Let’s end with some research

The last model I want to share with you was created by Ernest Dichter, known as “the father of motivational research”.

He mapped out 12 motives that drive our desires, fears and our shopping:

Power/Masculinity/Virility Strength and dominance!
Security Safety as well as home comfort
Eroticism Sexuality and desire. Sex sells!
Cleanliness/Moral Purity Cleanliness isn’t just functional, moral purity is often implied in the colours and imagery used
Social Acceptance Companionship, approval and love
Individuality The desire to be unique
Status Feeling important, respected and successful
Femininity All things associated with being feminine
Reward Maximising our payoff
Mastery over environment Competence and mastery. Can be closely related to reward and power.
Disalienation The desire to feel connectedness to things. This is often seen in fast food outlets. The food can be a little different around the world but there is a sameness that we crave.
Magic and mystery Powers unseen, surprises and moods

You can see the parallels with Bob Bly’s list and Maslow’s Heirarchy. Esteem… acceptance… security… mastery…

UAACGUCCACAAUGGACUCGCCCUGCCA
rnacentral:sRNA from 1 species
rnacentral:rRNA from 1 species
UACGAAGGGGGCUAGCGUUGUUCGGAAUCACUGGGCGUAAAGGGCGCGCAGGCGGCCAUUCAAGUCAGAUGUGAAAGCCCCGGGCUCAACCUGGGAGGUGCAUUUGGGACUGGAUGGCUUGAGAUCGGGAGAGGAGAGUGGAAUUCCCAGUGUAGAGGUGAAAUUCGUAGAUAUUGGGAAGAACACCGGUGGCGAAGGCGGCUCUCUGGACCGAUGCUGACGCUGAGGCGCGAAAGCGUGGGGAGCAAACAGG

3 lenses = deeper understanding

The lesson: when you understand what really motivates someone to act, you can override their rational brain.

That’s the one telling them NOT to buy. Instead, you talk to the little voice that’s really running the show.

When you look at your target reader through multiple lenses, their motives develop subtleties that give them depth. That makes them a little easier to ‘hear’ when we get to trying to capture the right tone of voice.

Together, these models give you different lenses to see your reader through, which means lots of different ways to consider their motives.

Take some time with this. Dig deep into the why. Your life experience counts for a lot here.

Your task

Before you sit down to write a headline, call to action or an entire website of copy, take some time to consider what is really motivating your audience (beyond the obvious rational motives).

And dig deep. Because the motives that live deeply within in us usually have the most power.

When you understand them, you can choose copywriting language that cuts straight to the heart of the matter.

Belinda